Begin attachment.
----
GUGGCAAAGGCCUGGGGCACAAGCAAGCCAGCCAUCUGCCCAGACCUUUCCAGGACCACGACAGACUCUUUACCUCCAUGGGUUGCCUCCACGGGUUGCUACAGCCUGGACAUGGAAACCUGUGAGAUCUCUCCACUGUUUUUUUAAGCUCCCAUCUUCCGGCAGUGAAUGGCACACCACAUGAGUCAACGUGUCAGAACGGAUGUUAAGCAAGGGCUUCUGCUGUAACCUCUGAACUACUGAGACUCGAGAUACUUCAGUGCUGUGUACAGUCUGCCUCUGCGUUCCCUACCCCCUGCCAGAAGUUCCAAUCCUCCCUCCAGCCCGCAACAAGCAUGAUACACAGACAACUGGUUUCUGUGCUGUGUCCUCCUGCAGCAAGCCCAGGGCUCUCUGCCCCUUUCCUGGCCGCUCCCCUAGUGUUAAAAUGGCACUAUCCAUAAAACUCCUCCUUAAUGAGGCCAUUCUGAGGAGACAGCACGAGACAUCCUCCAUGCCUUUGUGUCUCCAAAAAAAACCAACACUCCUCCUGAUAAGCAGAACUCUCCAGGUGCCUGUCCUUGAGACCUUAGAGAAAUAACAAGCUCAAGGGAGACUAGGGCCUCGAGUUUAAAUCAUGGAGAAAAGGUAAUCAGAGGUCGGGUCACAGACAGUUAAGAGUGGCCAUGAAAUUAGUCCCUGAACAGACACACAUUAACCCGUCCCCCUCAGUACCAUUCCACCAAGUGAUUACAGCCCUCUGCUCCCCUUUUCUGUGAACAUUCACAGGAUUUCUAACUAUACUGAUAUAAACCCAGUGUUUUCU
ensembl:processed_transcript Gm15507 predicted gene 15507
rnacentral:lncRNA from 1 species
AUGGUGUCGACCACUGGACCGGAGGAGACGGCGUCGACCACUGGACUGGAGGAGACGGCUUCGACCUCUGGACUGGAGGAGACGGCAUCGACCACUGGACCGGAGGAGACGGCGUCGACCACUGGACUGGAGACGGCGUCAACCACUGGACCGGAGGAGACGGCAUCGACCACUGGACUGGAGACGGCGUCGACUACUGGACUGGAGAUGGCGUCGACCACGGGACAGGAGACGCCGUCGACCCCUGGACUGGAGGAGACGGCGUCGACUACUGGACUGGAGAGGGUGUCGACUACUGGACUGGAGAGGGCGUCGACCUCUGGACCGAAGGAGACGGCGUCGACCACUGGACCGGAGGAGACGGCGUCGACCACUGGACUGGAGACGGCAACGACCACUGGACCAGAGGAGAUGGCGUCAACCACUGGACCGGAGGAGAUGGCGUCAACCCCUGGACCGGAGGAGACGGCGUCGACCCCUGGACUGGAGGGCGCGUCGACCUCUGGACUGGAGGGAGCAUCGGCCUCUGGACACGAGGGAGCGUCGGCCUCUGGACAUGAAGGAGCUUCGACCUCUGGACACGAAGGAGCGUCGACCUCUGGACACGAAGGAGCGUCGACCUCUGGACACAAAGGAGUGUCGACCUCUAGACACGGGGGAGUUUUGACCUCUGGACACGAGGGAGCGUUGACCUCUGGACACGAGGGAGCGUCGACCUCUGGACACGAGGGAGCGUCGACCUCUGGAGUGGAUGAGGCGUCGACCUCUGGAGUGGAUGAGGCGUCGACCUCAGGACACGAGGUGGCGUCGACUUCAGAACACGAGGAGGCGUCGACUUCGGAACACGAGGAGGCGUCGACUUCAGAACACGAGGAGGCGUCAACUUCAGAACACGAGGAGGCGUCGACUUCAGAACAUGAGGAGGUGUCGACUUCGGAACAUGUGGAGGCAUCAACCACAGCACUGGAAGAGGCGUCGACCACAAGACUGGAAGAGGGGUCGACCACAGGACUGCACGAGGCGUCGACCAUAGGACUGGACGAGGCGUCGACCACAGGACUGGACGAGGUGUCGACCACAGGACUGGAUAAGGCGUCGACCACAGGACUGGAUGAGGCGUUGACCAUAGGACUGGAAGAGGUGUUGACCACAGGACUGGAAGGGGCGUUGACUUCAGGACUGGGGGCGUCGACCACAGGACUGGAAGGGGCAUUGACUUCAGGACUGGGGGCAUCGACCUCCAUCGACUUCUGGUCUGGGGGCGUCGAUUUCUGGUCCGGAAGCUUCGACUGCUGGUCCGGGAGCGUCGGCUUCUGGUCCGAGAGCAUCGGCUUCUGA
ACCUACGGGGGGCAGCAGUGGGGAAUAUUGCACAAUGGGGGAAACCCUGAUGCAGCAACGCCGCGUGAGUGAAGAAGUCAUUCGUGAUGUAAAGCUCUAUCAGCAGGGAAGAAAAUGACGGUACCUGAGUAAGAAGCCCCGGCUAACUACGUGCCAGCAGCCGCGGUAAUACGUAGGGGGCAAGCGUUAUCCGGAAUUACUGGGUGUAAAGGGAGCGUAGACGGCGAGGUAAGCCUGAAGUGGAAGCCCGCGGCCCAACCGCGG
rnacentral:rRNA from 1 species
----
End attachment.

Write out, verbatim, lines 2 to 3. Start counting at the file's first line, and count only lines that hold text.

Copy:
ensembl:processed_transcript Gm15507 predicted gene 15507
rnacentral:lncRNA from 1 species